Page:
Tag Archives: billycollins

A Matter of Poetry

OK people. It’s official. Individual tickets to all our events are now on sale. Woohoo. We can’t wait for everything to get going around Royce Hall. Check out the calendar if you haven’t in a while and see if anything strikes your fancy.

And…speaking of fancy, we’ve added a fancy new spoken word event to the lineup this year—an evening with not one but TWO–count ‘em, TWO–former U.S.  Poets Laureate. (Oh that’s one of those fun word pairings like culs de sac). Two of America’s most lauded poets, Billy Collins and Kay Ryan join our spoken word slate April 23, just in time to celebrate National Poetry Month. (We’ll be calling on you the audience to share some of your own poetry with us around this event as well. More on that in the near future).

I love the way poets wield language, especially poets like Billy Collins who often do it with a slightly tongue-in-cheek style.  I love the way they can inspire us to look at so many different things in a poetic light.

Here’s a fun one from Collins…

Another Reason Why I Don’t Keep A Gun In The House

The neighbors’ dog will not stop barking.

He is barking the same high, rhythmic bark

that he barks every time they leave the house.

They must switch him on on their way out.

The neighbors’ dog will not stop barking.

I close all the windows in the house

and put on a Beethoven symphony full blast

but I can still hear him muffled under the music,

barking, barking, barking,

and now I can see him sitting in the orchestra,

his head raised confidently as if Beethoven

had included a part for barking dog.

When the record finally ends he is still barking,

sitting there in the oboe section barking,

his eyes fixed on the conductor who is

entreating him with his baton

while the other musicians

listen in respectful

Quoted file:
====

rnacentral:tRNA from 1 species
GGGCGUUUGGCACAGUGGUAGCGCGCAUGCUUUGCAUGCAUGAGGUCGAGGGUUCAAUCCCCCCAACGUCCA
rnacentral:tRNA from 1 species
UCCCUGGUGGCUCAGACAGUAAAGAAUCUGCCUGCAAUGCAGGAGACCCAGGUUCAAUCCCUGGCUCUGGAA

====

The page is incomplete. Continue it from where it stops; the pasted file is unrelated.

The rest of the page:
silence to the famous barking dog solo,

that endless coda that first established

Beethoven as an innovative genius

I love the musicality of his writing, and how a sense of music often comes into play or directly into the style of the poem. I feel like the world is like that, or at least it SHOULD be like that. Perhaps we should all be listening for those songs, those melodies in all of our moments whether those are moments of quiet and contentment or moments of frustration and hopelessness.

Collins again….

I Ask You

What scene would I want to be enveloped in

more than this one,

an ordinary night at the kitchen table,

floral wallpaper pressing in,

white cabinets full of glass,

the telephone silent,

a pen tilted back in my hand?

It gives me time to think

about all that is going on outside–

leaves gathering in corners,

lichen greening the high grey rocks,

while over the dunes the world sails on,

huge, ocean-going, history bubbling in its wake.

But beyond this table

there is nothing that I need,

not even a job that would allow me to row to work,

or a coffee-colored Aston Martin DB4

with cracked green leather seats.

No, it’s all here,

the clear ovals of a glass of water,

a small crate of oranges, a book on Stalin,

not to mention the odd snarling fish

in a frame on the wall,

and the way these three candles–

each a different height–

are singing in perfect harmony.

So forgive me

if I lower my head now and listen

to the short bass candle as he takes a solo

while my heart

thrums under my shirt–

frog at the edge of a pond–

and my thoughts fly off to a province

made of one enormous sky

and about a million empty branches.

But of course, we can’t all express those thoughts and sounds quite as well as Collins and his cohort Kay Ryan. That’s why we spend evenings listening to people like them, to help us identify the sounds and rhythms inherent in the written word….to open our eyes and hearts and ears to something our own brains might never be able to spontaneously produce in that way. As arts lovers perhaps just experiencing it can be almost as profound as creating it.

Perhaps, just perhaps, poetry matters.

Photo courtesy athena via Flickr.